Most dietitians, nutritionists and health experts agree these days on some common basic principles when it comes to nutrition: eliminate most processed junk foods and eat a greater amount of foods closer to their natural whole state. This is largely true for whatever dietary regimes you to choose to adhere to, whether vegan, raw vegan, vegetarian, paleo, ketogenic, straight-up carnivore or for those following variations of many diet types.
There are also certain ways we can choose to prepare our foods that can not only dramatically affect nutrient content and digestibility, but also provide healthier alternatives to some bad cooking habits routinely used in many households.
When you make your own meals at home from scratch you are given the opportunity to increase the overall healthfulness of the foods you prepare on a daily basis for you and your family.
Here we will discuss a few simple ways to prepare traditional vegetarian staples like beans and grains for best assimilation as well as provide various approaches for making your cooked meals more digestible and nutritious.
There are some schools of thought that suggest cooked foods like
grains, beans, potatoes or vegetables can cause sluggishness and low
energy after they are consumed. This is a philosophy frequently adopted
by many raw foodists who believe that cooking food over 115–118°F
(45-48°C) destroys enzymes, water content and living nutrients that are required for proper nourishment.
While we believe eating at least a partially high raw diet of fresh fruits, vegetables nuts and seeds can be very helpful for long-term health, we don't necessarily agree that eliminating all cooked foods from the diet is essential, nor is it practical for many people.
The heat processing of certain plant-based foods is in fact a necessary step in order to make them edible and pleasant to eat.
When consuming a range of simple cooked foods to more complex cooked meals there are, however, a number of ways to increase their complete breakdown and improve their efficient energy conversion.
As we mentioned, one of the most significant recommendations we can offer is to try to select from a list of whole food options when shopping at your local market or grocery store. This means spending most of your time in the produce section or bulk food isles.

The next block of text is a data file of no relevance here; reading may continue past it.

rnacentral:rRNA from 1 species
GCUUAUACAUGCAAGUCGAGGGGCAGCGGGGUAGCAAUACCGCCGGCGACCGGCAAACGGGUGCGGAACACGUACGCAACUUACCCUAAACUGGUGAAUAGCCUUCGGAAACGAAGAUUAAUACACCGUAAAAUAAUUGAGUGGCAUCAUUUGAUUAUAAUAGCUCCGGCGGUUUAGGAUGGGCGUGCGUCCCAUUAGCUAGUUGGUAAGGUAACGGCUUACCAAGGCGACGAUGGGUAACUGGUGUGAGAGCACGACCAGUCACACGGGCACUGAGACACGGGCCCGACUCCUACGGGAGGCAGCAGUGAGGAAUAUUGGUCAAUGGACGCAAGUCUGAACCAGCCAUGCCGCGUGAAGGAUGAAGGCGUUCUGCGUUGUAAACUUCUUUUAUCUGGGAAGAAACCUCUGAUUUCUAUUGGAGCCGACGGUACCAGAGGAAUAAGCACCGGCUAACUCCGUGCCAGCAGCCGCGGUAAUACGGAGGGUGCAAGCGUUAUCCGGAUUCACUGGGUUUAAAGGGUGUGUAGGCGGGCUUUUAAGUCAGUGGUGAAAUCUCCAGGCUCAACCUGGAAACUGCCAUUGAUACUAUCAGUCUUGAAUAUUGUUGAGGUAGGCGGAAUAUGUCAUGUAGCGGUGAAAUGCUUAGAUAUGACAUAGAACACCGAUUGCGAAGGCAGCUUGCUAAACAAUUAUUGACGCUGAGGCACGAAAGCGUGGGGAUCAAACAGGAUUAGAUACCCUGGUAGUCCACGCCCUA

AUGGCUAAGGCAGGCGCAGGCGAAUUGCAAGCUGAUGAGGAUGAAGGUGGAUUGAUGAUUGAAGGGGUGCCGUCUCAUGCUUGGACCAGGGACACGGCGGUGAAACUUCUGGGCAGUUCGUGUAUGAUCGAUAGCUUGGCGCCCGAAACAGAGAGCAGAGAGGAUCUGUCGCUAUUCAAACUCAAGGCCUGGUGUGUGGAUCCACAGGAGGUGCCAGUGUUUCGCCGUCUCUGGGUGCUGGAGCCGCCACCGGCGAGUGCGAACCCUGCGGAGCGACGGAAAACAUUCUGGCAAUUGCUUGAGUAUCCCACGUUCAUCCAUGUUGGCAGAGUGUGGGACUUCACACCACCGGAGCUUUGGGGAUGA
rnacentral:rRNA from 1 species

Stocking up your pantry with an assortment of different grains and beans can provide affordable essential staple foods to have on hand for simple home-cooked meals. They are especially appropriate for those, like ourselves, who predominantly eat a diet low in animal-based proteins.
Because beans contain oligosaccharides, complex sugars that are very difficult to break down, if not properly prepared they can cause digestive turmoil and notorious flatulence producing side-effects. All raw legumes also contain some degree of lectin content, which may cause gastrointestinal discomfort when not completely cooked or soaked appropriately.
Although some raw food advocates promote the consumption of sprouted beans, we generally avoid sprouting harder beans like garbanzo, black beans or pinto which, in our opinion, should not be eaten in their raw or sprouted state. Others, like whole mung beans, lentils or green peas, are best for sprouting purposes, a process of which considerably diminishes lectin phytotoxins. These types can also be cooked after a brief sprouting period.
In recent years some experimentation with fermenting sprouted bean paste for a 24 hour period has also been popularized by those adhering to a raw food diet. To date, we have only achieved some success using sprouted lentils, lacto-fermented using a probiotic powder for one day with ground flax seed and then dehydrated into cakes.
Generally, we consume most beans as cooked meals to neutralize and remove anti-nutrients that inhibit their protein absorption. Our #1 favorite way to prepare beans after cooking is to fermented them as tempeh with a Rhizopus oligosporus starter culture.
The best way we have found to prepare beans is to soak them overnight in pure filtered water, strain and rinse, then add fresh water with a little sea salt and a piece of kelp or kombu seaweed and slow cook in a crockpot until soft and tender.